The authors excluded articles that did not feature a title or abstract. They also excluded articles that were book chapters, conference abstracts, had no listed authors, or were not available in English or Spanish. Articles that did not include undocumented immigrants in their analysis were excluded. In addition, articles that did not describe a research project or study were excluded. Articles were included for full-length final review if they fit the following criteria: (1) the immigrant population included was undocumented as opposed to documented immigrants; (2) access to health services and health outcomes were the primary focus of the study; (3) the study reported quantitative or qualitative results or rigorous policy analysis; and (5) articles were published in English or Spanish.
Immigration Policies and Laws
Using the multiple streams (MS) model of policy process, we were able to deconstruct the framework that explains how immigration policies are made and implemented (Table 1). The passage of anti-immigration policies through the legislative, executive, and judicial branches, as exemplified in our review, was fueled in most cases by an anti-illegal immigration rhetoric that came about as a result of “economic and social problems” in the country. As shown by the cases of Australia , United States [17, 32], Spain , and France  to mention a few, undocumented immigrants are being negatively perceived by many policymakers and powerful interest groups and scapegoated as causing domestic economic downturn. Our review also found that most of these anti-illegal immigration initiatives were proposed under a “policy” or “political” umbrella to attract voters in certain localities with strong “anti-immigration” sentiments.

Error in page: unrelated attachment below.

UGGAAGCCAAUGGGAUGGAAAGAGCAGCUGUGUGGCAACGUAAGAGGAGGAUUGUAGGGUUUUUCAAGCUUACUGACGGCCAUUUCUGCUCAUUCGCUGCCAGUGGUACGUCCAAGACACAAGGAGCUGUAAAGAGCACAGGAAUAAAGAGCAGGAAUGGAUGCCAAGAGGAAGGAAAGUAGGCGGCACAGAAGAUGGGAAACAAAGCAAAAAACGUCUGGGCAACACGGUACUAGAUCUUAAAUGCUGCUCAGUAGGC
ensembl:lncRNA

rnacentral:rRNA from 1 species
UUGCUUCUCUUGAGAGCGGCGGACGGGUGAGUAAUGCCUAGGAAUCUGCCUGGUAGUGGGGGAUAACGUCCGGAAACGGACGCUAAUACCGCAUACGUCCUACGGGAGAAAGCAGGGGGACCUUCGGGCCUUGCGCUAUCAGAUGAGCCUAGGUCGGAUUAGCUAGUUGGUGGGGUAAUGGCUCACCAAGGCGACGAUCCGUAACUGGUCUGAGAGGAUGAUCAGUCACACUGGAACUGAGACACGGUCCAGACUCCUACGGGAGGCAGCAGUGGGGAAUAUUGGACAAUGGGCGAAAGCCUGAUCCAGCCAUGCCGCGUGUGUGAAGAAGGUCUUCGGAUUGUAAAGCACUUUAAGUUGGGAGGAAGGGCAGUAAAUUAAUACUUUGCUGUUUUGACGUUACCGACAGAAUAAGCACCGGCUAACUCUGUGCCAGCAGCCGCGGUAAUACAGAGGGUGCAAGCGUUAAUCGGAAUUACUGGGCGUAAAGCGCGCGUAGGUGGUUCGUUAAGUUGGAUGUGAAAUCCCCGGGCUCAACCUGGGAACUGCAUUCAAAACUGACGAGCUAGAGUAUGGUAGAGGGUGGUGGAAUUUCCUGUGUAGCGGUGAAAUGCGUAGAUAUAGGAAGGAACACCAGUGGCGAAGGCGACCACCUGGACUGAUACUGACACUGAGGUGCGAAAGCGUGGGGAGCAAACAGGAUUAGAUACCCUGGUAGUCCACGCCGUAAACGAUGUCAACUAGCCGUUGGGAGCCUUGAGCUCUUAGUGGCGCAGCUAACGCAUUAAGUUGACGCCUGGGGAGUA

In addition, using the MS model led us to further understand how the sources of immigration enforcement power vary by country and jurisdiction. Countries use the judiciary, legislative, or executive branches to enforce these powers. Powers come through a complex body of statutes, rules, and case law governing entry into a particular country. However, there is a general consensus that immigration control is an exercise of the executive power; that is, it is exercised by the executive arm of the government. A unique characteristic encountered in the field of immigration law is the retention of discretion, which is less amenable to control than the application of specific rules and standards. A subjective approach is introduced with discretion and issues such as discrimination, bias, and prejudice might be present. Hence, the discretionary nature of immigration law is at the root of much of the criticism that has been directed against these laws.